We had nothing to do at Nilambur until the departure of our return train - hence, decided to head out to the Teak Museum, located a few kilometres away from the station. The Teak museum is a great place to spend some time, if you are around Nilambur. It has a series of well kept displays that educate the visitors about Teak, and also a nice park to spend some time. We returned to the station well before the departure of our return train - I think I'd rather post the return journey as a seperate part - this one is a little too long already!!

Journey in a Nutshell:
Train Number: 16326 Kottayam - Nilambur Road Express
Loco link: WAP1 #22016 of Erode until Shoranur, and then WDM3A #14076 of Ernakulam
Coach: D1, GS #126530 based at Nagercoil

Punctuality: 10/10
Cleanliness: 10/10
Coach Maintenance: 10/10
Bedroll: Not Applicable
Catering: Not Applicable

Overall: 10/10

This was a dream come true journey! The journey itself was the purpose of this journey! The excitement my daughter had was priceless, and made up for any discomfort in the course of the journey. The fact that I could enjoy chugging from an ALCo was a priceless experience! A summary of this travel can only be complete after the second part as well!

Do visit my video report of this journey on YouTube!


rahulvijayev said…
Beautiful report (as usual)!!
Couple of queries:
1. " The "Diesel Loco shed" part is being retained to differentiate the facility from the Electric Loco shed that existed since long" - I couldnt understand this completely. Can you please explain more on this? Why dont they write Electric Loco Shed?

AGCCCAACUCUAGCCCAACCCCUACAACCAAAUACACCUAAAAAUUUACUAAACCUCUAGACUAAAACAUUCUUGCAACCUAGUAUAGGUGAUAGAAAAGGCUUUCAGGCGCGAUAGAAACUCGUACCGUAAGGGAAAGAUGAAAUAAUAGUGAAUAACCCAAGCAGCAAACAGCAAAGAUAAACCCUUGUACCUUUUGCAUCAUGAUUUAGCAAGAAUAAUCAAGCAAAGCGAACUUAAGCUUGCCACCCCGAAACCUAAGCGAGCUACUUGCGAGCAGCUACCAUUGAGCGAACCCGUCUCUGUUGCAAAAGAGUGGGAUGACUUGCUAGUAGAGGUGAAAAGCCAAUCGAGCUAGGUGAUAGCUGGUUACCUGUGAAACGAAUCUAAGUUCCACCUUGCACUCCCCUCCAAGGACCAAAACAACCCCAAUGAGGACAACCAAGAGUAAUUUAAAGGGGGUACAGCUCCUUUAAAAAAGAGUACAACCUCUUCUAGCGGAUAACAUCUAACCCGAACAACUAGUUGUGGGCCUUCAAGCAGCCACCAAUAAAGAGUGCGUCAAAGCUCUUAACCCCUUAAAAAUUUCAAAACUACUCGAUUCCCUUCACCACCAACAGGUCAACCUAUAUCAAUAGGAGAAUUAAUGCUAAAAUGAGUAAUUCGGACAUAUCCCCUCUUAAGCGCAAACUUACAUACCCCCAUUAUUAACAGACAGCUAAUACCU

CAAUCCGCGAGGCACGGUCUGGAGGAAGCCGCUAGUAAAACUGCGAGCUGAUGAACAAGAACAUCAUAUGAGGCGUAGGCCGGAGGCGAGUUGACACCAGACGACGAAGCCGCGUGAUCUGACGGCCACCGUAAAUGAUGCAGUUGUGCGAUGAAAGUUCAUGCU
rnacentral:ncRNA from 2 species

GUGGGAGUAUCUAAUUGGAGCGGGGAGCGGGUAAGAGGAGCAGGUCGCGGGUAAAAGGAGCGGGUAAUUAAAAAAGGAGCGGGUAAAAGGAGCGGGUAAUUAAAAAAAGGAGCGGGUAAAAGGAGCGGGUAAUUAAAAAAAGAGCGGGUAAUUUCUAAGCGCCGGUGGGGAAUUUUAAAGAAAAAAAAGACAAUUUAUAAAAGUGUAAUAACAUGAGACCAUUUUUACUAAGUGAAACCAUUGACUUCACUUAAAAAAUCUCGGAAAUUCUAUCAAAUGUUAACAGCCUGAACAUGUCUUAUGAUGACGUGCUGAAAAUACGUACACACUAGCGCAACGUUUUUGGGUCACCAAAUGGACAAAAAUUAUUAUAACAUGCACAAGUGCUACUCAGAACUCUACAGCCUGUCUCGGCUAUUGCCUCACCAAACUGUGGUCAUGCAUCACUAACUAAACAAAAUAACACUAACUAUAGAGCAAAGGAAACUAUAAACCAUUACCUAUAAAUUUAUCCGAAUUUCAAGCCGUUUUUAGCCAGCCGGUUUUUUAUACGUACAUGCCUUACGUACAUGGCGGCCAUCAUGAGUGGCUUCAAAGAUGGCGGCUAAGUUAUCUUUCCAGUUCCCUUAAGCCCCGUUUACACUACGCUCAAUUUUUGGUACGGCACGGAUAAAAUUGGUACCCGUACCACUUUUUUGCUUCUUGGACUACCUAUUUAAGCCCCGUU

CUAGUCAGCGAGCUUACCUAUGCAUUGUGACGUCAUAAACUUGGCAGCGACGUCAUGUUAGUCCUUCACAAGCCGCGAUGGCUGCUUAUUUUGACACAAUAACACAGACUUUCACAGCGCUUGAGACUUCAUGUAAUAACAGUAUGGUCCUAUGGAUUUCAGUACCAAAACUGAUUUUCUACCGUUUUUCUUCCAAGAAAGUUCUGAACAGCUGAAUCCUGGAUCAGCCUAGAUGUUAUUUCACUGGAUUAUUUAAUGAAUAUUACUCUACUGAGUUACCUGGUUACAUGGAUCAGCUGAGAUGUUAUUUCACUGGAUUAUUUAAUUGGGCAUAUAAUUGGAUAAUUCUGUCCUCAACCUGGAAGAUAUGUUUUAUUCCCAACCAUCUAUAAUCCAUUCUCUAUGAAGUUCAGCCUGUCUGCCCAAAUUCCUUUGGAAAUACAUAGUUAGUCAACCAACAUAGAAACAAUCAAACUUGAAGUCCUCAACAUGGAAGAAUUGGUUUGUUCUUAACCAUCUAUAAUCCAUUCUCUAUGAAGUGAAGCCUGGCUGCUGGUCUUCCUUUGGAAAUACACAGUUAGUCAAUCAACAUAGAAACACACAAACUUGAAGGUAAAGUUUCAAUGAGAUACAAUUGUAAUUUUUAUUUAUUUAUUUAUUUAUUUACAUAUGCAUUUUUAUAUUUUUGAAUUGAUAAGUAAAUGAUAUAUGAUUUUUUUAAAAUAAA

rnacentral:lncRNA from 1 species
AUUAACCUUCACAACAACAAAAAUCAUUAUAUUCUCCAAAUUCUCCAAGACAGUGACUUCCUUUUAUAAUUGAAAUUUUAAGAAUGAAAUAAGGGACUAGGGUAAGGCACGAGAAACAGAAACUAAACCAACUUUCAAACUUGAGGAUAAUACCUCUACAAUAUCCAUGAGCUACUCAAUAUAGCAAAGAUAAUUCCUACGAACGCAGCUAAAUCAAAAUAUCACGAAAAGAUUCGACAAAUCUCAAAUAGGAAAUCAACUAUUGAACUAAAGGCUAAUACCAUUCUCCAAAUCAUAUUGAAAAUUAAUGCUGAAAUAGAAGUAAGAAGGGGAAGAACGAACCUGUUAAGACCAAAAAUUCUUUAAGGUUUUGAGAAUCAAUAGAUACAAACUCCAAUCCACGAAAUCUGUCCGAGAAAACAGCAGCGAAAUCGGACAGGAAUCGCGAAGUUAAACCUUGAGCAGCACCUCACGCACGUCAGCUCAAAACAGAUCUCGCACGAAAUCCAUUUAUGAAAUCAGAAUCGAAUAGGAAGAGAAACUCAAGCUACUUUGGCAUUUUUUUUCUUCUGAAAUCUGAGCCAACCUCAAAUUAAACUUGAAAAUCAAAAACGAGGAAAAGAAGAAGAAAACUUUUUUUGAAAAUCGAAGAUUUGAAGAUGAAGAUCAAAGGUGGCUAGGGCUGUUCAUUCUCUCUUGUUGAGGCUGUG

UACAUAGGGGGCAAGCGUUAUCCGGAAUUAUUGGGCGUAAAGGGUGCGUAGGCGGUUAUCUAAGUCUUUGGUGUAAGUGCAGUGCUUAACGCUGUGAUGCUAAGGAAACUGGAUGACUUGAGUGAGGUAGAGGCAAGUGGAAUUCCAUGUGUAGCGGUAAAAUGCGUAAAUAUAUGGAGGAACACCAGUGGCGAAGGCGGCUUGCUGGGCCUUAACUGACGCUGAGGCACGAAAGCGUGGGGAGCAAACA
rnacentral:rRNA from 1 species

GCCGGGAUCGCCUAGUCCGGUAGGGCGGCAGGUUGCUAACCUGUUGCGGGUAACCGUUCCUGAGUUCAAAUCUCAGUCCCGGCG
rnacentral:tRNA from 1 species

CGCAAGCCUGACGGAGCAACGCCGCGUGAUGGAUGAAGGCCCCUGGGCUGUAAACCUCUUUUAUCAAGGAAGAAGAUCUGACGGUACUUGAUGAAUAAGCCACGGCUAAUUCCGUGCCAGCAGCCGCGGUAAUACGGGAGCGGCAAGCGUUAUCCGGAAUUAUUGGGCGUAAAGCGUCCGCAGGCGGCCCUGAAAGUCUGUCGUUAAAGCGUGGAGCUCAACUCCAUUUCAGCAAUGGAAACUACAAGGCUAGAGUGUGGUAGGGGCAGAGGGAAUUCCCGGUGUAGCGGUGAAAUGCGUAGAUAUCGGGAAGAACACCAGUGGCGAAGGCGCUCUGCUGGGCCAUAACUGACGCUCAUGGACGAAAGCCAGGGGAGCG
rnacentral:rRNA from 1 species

2. Since you mentioned about maximum usage of e-locos by SR, just wanted to check why does Rajdhani and few trains run on d-loco from MAJN-ERS/TVC-MAJN?
Binai K Sankar said…
1. Erode already has an "Electric Loco Shed". This facility was earlier the Diesel Loco Shed. Hence, the name Diesel Loco Shed continues to be used. They cannot have 2 sheds with the same name - and both the shed have independent administrative structure as well.
2. "Why" is a question that I cannot answer - I am not a railway employee, and in no way connected to the operations team of the railways. I can only guess - probably to save time - a loco change consumes a lot of time, and trains like Rajdhani run to very tight schedules.
Unknown said…
I want to travel by this train to wadakkanncherry from tripunithura on 4th May.Can I do advance booking in this train?Will it be crowded to get in from tripunithura?
Binai K Sankar said…
Unfortunately, this train doesn't have advance reservation anymore. The train would be crowded till Thrissur, will free up after that.
Wasnt this built much before in 1850's? I read in some of the old documents on Nilambur. I am from Nilambur. It is in fact one of the oldest Railway stations in India itself. It was shut for many years during IInd WW.